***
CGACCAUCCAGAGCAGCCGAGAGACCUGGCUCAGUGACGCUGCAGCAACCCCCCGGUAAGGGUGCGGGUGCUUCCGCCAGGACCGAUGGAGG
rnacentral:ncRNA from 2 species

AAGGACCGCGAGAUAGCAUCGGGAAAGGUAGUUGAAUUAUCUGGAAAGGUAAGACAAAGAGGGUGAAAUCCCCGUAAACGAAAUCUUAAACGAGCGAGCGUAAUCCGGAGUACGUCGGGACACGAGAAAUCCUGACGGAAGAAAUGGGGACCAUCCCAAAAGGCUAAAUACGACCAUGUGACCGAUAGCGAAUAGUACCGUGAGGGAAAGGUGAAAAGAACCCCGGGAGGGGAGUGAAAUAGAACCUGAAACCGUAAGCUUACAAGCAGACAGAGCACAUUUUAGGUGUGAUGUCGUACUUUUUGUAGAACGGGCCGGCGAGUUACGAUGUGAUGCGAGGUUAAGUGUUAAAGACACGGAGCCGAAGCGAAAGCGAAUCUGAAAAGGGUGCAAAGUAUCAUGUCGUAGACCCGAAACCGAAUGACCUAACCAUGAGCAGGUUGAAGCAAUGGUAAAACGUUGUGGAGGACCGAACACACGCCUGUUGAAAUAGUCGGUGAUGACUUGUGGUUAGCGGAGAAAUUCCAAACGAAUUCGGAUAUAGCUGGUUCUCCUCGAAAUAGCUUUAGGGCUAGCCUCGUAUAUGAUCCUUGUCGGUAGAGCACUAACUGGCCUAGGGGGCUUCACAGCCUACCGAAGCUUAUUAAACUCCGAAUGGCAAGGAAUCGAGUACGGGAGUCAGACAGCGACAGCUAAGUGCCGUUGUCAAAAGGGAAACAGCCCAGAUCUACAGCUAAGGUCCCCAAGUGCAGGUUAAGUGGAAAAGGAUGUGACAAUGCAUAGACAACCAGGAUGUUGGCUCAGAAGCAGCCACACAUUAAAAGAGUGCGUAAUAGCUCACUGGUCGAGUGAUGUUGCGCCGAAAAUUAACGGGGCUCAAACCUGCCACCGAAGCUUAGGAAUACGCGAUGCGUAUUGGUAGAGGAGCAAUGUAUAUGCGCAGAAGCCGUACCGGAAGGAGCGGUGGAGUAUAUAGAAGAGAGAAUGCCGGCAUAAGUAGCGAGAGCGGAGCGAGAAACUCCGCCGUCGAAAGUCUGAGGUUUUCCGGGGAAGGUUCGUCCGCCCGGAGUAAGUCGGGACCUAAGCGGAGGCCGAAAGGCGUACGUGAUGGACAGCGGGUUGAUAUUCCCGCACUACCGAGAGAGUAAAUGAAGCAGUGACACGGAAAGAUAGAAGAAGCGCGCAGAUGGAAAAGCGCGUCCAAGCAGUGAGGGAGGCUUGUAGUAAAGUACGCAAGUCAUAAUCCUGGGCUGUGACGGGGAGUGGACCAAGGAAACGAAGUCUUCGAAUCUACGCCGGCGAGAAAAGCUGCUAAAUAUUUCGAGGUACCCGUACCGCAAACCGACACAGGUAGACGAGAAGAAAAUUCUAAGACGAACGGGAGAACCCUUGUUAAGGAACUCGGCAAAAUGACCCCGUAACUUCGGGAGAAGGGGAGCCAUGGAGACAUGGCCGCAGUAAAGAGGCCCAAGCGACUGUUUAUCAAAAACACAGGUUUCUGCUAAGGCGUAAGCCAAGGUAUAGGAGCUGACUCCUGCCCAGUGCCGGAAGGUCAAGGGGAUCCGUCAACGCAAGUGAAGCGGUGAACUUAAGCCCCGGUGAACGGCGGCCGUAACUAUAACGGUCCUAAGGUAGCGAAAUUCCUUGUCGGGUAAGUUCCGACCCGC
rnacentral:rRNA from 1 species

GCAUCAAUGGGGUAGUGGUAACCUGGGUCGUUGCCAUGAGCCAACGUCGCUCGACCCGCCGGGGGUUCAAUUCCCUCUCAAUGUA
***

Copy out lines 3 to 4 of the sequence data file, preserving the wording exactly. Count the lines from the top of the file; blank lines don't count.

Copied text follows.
AAGGACCGCGAGAUAGCAUCGGGAAAGGUAGUUGAAUUAUCUGGAAAGGUAAGACAAAGAGGGUGAAAUCCCCGUAAACGAAAUCUUAAACGAGCGAGCGUAAUCCGGAGUACGUCGGGACACGAGAAAUCCUGACGGAAGAAAUGGGGACCAUCCCAAAAGGCUAAAUACGACCAUGUGACCGAUAGCGAAUAGUACCGUGAGGGAAAGGUGAAAAGAACCCCGGGAGGGGAGUGAAAUAGAACCUGAAACCGUAAGCUUACAAGCAGACAGAGCACAUUUUAGGUGUGAUGUCGUACUUUUUGUAGAACGGGCCGGCGAGUUACGAUGUGAUGCGAGGUUAAGUGUUAAAGACACGGAGCCGAAGCGAAAGCGAAUCUGAAAAGGGUGCAAAGUAUCAUGUCGUAGACCCGAAACCGAAUGACCUAACCAUGAGCAGGUUGAAGCAAUGGUAAAACGUUGUGGAGGACCGAACACACGCCUGUUGAAAUAGUCGGUGAUGACUUGUGGUUAGCGGAGAAAUUCCAAACGAAUUCGGAUAUAGCUGGUUCUCCUCGAAAUAGCUUUAGGGCUAGCCUCGUAUAUGAUCCUUGUCGGUAGAGCACUAACUGGCCUAGGGGGCUUCACAGCCUACCGAAGCUUAUUAAACUCCGAAUGGCAAGGAAUCGAGUACGGGAGUCAGACAGCGACAGCUAAGUGCCGUUGUCAAAAGGGAAACAGCCCAGAUCUACAGCUAAGGUCCCCAAGUGCAGGUUAAGUGGAAAAGGAUGUGACAAUGCAUAGACAACCAGGAUGUUGGCUCAGAAGCAGCCACACAUUAAAAGAGUGCGUAAUAGCUCACUGGUCGAGUGAUGUUGCGCCGAAAAUUAACGGGGCUCAAACCUGCCACCGAAGCUUAGGAAUACGCGAUGCGUAUUGGUAGAGGAGCAAUGUAUAUGCGCAGAAGCCGUACCGGAAGGAGCGGUGGAGUAUAUAGAAGAGAGAAUGCCGGCAUAAGUAGCGAGAGCGGAGCGAGAAACUCCGCCGUCGAAAGUCUGAGGUUUUCCGGGGAAGGUUCGUCCGCCCGGAGUAAGUCGGGACCUAAGCGGAGGCCGAAAGGCGUACGUGAUGGACAGCGGGUUGAUAUUCCCGCACUACCGAGAGAGUAAAUGAAGCAGUGACACGGAAAGAUAGAAGAAGCGCGCAGAUGGAAAAGCGCGUCCAAGCAGUGAGGGAGGCUUGUAGUAAAGUACGCAAGUCAUAAUCCUGGGCUGUGACGGGGAGUGGACCAAGGAAACGAAGUCUUCGAAUCUACGCCGGCGAGAAAAGCUGCUAAAUAUUUCGAGGUACCCGUACCGCAAACCGACACAGGUAGACGAGAAGAAAAUUCUAAGACGAACGGGAGAACCCUUGUUAAGGAACUCGGCAAAAUGACCCCGUAACUUCGGGAGAAGGGGAGCCAUGGAGACAUGGCCGCAGUAAAGAGGCCCAAGCGACUGUUUAUCAAAAACACAGGUUUCUGCUAAGGCGUAAGCCAAGGUAUAGGAGCUGACUCCUGCCCAGUGCCGGAAGGUCAAGGGGAUCCGUCAACGCAAGUGAAGCGGUGAACUUAAGCCCCGGUGAACGGCGGCCGUAACUAUAACGGUCCUAAGGUAGCGAAAUUCCUUGUCGGGUAAGUUCCGACCCGC
rnacentral:rRNA from 1 species